Background: Newborn neurons often migrate before undergoing final differentiation, extending neurites, and forming synaptic connections. Therefore, neuronal migration is crucial for establishing neural circuitry during development. In the developing spinal cord, neuroprogenitors first undergo radial migration within the ventricular zone. Differentiated neurons continue to migrate tangentially before reaching the final positions. The molecular pathways that regulate these migration processes remain largely unknown. Our previous study suggests that the DCC receptor is important for the migration of the dorsal spinal cord progenitors and interneurons. In this study, we determined the involvement of the Netrin1 ligand and the ROBO3 coreceptor in the migration. Results: By pulse labeling neuroprogenitors with electroporation, we examined their radial migration in Netrin1 (Ntn1), Dcc, and Robo3 knockout mice. We found that all three mutants exhibit delayed migration. Furthermore, using immunohistochemistry of the BARHL2 interneuron marker, we found that the mediolateral and dorsoventral migration of differentiated dorsal interneurons is also delayed. Together, our results suggest that Netrin1/DCC signaling induce neuronal migration in the dorsal spinal cord. Conclusions: Netrin1, DCC, and ROBO3 have been extensively studied for their functions in regulating axon guidance in the spinal commissural interneurons. We reveal that during earlier development of dorsal interneurons including commissural neurons, these molecules play an important role in promoting cell migration.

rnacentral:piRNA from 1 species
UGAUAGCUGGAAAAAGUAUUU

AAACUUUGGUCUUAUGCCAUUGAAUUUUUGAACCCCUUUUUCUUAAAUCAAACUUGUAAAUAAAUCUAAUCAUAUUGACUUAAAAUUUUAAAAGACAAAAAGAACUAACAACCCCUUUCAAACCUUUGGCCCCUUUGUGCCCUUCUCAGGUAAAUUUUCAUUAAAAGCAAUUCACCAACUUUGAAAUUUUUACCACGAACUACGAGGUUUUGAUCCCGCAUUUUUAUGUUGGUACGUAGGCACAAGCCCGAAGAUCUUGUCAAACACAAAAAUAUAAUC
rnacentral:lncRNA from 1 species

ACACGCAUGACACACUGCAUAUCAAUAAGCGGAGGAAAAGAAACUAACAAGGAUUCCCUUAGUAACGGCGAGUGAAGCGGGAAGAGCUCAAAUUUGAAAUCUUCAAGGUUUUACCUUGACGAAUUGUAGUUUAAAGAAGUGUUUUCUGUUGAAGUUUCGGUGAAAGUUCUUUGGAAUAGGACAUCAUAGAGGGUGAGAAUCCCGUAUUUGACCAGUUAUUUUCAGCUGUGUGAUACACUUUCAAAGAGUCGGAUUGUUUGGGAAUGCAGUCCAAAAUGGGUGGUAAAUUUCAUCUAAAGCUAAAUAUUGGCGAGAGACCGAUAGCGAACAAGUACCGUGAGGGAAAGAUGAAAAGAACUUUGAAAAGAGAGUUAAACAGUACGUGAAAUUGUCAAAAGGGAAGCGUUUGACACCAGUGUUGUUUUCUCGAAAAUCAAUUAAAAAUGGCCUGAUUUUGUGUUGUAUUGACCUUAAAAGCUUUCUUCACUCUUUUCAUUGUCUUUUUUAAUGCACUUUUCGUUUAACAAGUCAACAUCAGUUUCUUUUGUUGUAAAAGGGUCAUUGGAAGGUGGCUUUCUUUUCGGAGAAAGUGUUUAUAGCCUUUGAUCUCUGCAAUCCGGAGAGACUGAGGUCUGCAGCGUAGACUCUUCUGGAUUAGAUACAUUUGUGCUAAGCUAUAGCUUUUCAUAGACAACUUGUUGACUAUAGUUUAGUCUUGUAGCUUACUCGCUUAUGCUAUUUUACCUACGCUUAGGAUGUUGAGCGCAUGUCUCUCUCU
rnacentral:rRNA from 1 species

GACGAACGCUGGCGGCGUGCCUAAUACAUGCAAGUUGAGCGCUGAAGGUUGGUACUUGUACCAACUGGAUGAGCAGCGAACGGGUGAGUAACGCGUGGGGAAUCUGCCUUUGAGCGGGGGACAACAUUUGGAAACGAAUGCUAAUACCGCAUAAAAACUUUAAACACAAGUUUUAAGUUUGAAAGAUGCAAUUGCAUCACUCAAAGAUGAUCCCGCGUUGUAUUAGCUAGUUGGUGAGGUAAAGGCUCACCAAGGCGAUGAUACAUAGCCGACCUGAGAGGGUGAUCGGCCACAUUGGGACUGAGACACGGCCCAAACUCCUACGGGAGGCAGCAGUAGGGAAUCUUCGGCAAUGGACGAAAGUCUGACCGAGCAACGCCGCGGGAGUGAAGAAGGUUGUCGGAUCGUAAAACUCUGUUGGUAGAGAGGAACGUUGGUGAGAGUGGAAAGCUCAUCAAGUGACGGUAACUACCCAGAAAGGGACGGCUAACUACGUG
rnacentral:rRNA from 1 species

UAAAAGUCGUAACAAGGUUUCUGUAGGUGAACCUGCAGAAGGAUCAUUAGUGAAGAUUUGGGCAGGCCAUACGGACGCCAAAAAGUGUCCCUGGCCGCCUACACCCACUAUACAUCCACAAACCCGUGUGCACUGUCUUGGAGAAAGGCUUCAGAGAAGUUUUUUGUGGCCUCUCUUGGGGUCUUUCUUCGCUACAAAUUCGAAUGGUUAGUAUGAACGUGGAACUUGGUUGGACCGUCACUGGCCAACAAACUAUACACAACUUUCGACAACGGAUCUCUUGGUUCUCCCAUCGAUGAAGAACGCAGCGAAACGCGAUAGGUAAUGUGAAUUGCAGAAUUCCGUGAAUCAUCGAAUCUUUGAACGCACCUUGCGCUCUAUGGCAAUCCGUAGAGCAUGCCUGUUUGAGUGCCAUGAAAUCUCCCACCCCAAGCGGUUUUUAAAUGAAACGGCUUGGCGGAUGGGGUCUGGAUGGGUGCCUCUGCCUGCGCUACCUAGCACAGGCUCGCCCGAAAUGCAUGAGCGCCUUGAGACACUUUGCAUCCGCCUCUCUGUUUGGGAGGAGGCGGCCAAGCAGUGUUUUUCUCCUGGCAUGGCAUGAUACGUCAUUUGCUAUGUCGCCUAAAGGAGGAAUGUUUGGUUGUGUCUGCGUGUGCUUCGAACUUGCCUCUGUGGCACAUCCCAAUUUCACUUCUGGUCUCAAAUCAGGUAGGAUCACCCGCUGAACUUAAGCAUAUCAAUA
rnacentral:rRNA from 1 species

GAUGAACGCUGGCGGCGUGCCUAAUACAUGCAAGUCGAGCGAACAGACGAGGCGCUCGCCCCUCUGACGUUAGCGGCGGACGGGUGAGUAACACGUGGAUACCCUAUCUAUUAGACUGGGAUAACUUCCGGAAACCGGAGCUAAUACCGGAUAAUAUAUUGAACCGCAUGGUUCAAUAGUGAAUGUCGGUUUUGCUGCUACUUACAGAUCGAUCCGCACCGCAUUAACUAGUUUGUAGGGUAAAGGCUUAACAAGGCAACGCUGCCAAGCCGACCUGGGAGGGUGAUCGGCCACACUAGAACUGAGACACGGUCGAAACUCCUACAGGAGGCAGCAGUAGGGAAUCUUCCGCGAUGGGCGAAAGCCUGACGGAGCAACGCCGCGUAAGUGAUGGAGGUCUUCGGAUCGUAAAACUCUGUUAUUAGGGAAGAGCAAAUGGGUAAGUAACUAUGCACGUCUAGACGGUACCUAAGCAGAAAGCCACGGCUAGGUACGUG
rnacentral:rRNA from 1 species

Bibliographical noteFunding Information:
We thank Daniel Morales and Dr. Artur Kania for providing the Unc5c KO embryos, and Caleb Anderson for technical support. This work was supported by the National Institutes of Health (NIH) R01EY024261 (to HJJ), R21DC014916 (to LVG), and F31DC014603 (to ARY), and by the Boettcher Foundation (to ZC).
- Neuronal migration
- Spinal cord neurons